While in chat the other night someone asked the question, “Where was my miracle?”in regards to losing their child. My thoughts have been consumed by that question ever since. What is a miracle? I had to go look it up in the dictionary and this is what I found.
In thinking about this more, I wondered who is even deserving of a miracle. Am I deserving? I would love to say that I am, but I don’t believe that to be true. Do I believe that I’m a good person? Yes, but that depends on who you would be comparing me to. Am I more deserving than any other person out there? No.
I have come to realize that I’ve been looking at this question all wrong. First, I was thinking of miracles happening only on a grand scale, the kind that affects many people. Not all miracles need to be on a grand scale. Second, I was thinking that miracles only revolved around religion. I was figuring that without “religious faith,” there could be no miracle. With this insight, I began to think back on my life.
November 14, 1998 holds very little meaning for most people. For me, it is the day that I began my journey as a mother. Conceiving a child happens every day for many people and wouldn’t necessarily be thought of as a miracle. As I was on birth control at the time, the chance that I would become pregnant was small, but when you also consider that we used a condom, the chances of conceiving a child were next to impossible. Yet the impossible seemed to happen: a miracle.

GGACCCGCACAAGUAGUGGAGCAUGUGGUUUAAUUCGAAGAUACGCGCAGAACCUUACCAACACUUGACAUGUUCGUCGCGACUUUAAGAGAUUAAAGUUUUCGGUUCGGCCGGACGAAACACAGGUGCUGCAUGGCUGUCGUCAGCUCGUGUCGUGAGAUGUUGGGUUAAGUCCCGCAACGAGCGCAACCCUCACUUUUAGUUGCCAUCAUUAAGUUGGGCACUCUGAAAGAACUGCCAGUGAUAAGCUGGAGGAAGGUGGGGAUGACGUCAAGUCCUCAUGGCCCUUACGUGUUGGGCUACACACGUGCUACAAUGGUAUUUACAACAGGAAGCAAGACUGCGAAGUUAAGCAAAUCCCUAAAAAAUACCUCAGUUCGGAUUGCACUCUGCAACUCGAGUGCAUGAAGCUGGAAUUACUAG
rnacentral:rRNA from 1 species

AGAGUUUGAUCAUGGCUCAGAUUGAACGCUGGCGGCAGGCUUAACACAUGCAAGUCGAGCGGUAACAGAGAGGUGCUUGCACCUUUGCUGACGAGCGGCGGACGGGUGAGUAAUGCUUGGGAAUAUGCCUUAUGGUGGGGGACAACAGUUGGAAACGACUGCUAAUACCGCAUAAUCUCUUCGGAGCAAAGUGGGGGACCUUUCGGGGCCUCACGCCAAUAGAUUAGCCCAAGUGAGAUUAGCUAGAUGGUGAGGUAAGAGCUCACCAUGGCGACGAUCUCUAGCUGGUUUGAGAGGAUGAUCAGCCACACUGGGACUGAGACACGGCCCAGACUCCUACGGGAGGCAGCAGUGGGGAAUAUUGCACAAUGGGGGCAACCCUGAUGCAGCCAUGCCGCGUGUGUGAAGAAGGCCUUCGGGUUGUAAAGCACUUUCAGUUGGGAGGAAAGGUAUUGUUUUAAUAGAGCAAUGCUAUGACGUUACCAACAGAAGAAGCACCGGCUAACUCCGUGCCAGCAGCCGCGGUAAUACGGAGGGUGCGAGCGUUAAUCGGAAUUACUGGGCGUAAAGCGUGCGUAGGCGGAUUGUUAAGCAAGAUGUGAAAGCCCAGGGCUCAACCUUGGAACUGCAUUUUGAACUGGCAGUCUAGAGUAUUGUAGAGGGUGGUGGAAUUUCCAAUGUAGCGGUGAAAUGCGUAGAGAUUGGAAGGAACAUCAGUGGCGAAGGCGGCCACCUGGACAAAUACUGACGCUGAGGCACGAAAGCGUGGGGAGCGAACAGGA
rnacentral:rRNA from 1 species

April 16, 2005; yet another day that is meaningless to most people. However, what was said would never happen, did happen. Doctors had always told me that Lily would never be able to walk on her own, but on this day, she proved them all wrong. Lily didn’t just take one or two steps she walked across an entire room. She walked to me. The emotions of seeing Lily do this brought me to my knees. What most parents take for granted was something I believed would never happen for my child. Words escaped me and all I had were tears of joy. I was in awe over what I had just seen: a miracle.
Lily was a child who was never meant to survive. No matter what I did or how much I loved her, I could never change that fact. For a little over ten years, every night when I would put Lily to bed, the question was always lurking in the back of my mind: Would this be the night that I lose her? In the morning when I went to wake her up, I’d find the answer. For a little over ten years, I was greeted by Lily’s bright blue eyes and a smile; her laughter as I lifted her out of bed to hug her close to me. Every morning that this happened was a miracle.
This all brings me back to the original question, “Where is my miracle?” The answer for me would be, “Buried in a cemetery.” Lily was and always will be my miracle. Was I deserving? Probably not, but Lily is the only one who can answer that question.
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